• Docker for Mac/Windows/AWS/Azure ships with it's own operating system, an Alpine Linux derivative nicknamed Moby, which is not intended for direct management by end users.
  • Tectonic from CoreOS is a Kubernetes distribution which runs atop a cluster of managed CoreOS hosts. Most of the operating system is managed with frequent atomic rolling updates.
  • OpenShift Enterprise from RedHat is another Kubernetes derivative, this time running atop Atomic host.
  • Pivotal CloudFoundry ships with the IaaS, host OS, kernel, file system, container OS all tested together

In all of these cases the operating system is an implementation detail of the higher level software. It's not intended to be directly managed, or at least managed to the same degree as the general purpose OS you're running today.

This is how the end comes for the majority of your general purpose operating system running servers. The machines running containers will be running something more single purpose, and more and more of the software you're running will be running in containers.

The reason why you'll do this, rather than compose everything yourself, is compatability. Whether it's kernel versions, file system drivers, operating system variants or a hundred variations that make your OS build different from mine. Building and testing software that runs everywhere is a sisyphean task. Their is also the commercial angle at play here, and the advantage of being able to support a single validated product to everyone.

Implications

There are lots of implications to this move, and it's going to be interesting to see how it plays out with both early adopters and enterprise customers alike.

  • What does this mean for corporate operating system policies?
  • How do standard agent-based monitoring systems work in a world of closed vertical stacks?
  • Will we see this pattern for other types of service in the AWS Marketplace, where instance launched are inaccessible but automatically updating?
  • How does such fast moving software work in environments with rigid change control processes or audit requirements?
  • Many large organisations will end up running more than one of these types of system, how best to manage such heterogenous environments?
  • Will we see push back from some parties? In particular the open source community who may see this mainly serving the needs of vendors?
  • Does the end of the general purpose OS lead to greater specialism amongst systems administrators?

I'd love to chat about any of this with other folks who have given it some thought. It's interesting watching grand changes play out across the industry and picking up on patterns that are likely obvious in hindsight. And if you like this sort of thing let me know and I'll try and find time for more speculation.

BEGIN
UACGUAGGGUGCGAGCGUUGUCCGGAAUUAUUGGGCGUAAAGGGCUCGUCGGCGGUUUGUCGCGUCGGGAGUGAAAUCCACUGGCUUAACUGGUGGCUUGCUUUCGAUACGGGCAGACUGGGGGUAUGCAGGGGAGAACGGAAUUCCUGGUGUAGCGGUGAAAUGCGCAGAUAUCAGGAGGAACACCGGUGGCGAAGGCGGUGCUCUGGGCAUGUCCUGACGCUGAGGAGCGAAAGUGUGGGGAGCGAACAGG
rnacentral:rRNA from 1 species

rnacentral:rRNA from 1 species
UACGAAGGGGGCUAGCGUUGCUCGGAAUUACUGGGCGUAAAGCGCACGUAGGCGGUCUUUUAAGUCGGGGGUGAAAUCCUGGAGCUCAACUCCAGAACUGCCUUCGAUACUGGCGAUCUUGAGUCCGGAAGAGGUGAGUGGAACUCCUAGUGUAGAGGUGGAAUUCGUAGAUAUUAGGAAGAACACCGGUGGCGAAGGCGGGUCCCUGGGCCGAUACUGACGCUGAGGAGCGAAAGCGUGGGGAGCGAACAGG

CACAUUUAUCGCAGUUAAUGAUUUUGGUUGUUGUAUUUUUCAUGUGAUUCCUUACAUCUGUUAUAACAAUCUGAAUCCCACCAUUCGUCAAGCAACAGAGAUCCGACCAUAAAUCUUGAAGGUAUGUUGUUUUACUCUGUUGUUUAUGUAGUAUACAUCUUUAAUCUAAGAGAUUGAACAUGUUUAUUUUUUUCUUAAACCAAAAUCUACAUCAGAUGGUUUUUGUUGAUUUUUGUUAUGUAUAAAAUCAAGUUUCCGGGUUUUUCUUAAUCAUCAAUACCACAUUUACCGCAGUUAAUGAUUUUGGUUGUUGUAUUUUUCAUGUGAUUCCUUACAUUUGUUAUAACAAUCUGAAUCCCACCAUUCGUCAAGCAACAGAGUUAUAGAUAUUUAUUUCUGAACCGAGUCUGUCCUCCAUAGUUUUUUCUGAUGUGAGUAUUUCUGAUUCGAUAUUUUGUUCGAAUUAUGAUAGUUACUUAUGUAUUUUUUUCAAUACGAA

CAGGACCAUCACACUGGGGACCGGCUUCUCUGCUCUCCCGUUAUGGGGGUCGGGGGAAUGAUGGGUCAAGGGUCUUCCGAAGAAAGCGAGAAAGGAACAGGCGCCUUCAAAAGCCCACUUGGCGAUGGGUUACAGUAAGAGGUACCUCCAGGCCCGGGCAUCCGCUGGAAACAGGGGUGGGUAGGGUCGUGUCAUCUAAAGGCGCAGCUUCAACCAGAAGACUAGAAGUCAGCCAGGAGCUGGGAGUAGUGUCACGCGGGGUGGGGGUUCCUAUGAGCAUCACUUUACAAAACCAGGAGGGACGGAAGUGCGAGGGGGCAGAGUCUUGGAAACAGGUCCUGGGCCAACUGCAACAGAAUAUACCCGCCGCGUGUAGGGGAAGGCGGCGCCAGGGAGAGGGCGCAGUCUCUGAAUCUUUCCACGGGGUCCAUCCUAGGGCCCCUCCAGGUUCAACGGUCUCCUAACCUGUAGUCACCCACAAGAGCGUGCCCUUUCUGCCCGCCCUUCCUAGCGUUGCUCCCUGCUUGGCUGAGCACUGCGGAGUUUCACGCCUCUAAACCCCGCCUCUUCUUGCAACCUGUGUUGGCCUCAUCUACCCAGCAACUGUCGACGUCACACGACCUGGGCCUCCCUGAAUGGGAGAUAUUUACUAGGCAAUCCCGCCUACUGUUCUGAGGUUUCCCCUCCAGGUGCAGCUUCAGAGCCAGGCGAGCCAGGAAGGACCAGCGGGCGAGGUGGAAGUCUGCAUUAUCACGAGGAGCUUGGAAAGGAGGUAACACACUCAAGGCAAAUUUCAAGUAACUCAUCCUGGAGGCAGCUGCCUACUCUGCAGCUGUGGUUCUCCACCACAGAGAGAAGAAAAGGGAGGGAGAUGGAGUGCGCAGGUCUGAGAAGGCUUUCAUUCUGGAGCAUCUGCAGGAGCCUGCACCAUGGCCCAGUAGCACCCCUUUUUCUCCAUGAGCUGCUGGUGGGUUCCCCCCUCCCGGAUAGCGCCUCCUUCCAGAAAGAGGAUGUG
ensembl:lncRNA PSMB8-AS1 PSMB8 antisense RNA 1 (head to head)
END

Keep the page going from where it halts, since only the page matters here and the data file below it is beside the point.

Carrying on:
InfraKit Hello World

Docker just shipped InfraKit a few days ago at LinuxCon and, while at the Docker Distributed Systems Summit, I wanted to see if I could get a hello world example up and running. The documentation is lacking at the moment, epecially around how to tie the different components like instances and flavors together.

The following example isn't going to do anything particularly useful, but it's hopefully simple enough to help anyone else trying to get started. I'm assuming you've checked out and built the binaries as described in the README.

First create a directory. We're going to be using InfraKit to manage local files in that directory as part of the demo.

mkdir test

Now create an InfraKit configuration file. We're going to use the file instance plugin to manage files in out directory. This means everything works on the local machine, rather than trying to launch real infrastructure in AWS or similar. InfraKit also requires a flavor plugin. I'm using vanilla here just to meet the requirement for a flavor plugin, but it's not going to actually do anything in this demo. It might be useful to write a noop flavor plugin or similar.

cat garethr.json
{
    "ID": "garethr",
    "Properties": {
        "Instance" : {
            "Plugin": "instance-file",
            "Properties": {
            }
        },
        "Flavor" : {
            "Plugin": "flavor-vanilla",
            "Properties": {
                "Size": 1
            }
        }
    }
}

InfraKit is based on running separate plugins. Each plugin runs as a separate process and provides a filesystem socket in /run/infrakit/plugins. First start up the file plugin:

$ ./infrakit/file --dir=./test
INFO[0000] Starting plugin
INFO[0000] Listening on: unix:///run/infrakit/plugins/instance-file.sock
INFO[0000] listener protocol= unix addr= /run/infrakit/plugins/instance-file.sock err= <nil>

Next, in a separate terminal run the vanilla plugin:

$ ./infrakit/vanilla
INFO[0000] Starting plugin
INFO[0000] Listening on: unix:///run/infrakit/plugins/flavor-vanilla.sock
INFO[0000] listener protocol= unix addr= /run/infrakit/plugins/flavor-vanilla.sock err= <nil>

An finally run the group plugin. I'm passing --log=5 to enable more verbose outout so it's easier to see what's going on with the group.

$ ./infrakit/group --log=5
INFO[0000] Starting discovery
DEBU[0000] Opening: /run/infrakit/plugins
DEBU[0000] Discovered plugin at unix:///run/infrakit/plugins/instance-file.sock
INFO[0000] Starting plugin
INFO[0000] Starting
INFO[0000] Listening on: unix:///run/infrakit/plugins/group.sock
INFO[0000] listener protocol= unix addr= /run/infrakit/plugins/group.sock err= <nil>

With that all setup we can create a group based on our configuration file from above.

$ ./infrakit/cli group --name group watch garethr.json
watching garethr

Have a look in the test directory. You should see a single file has been created.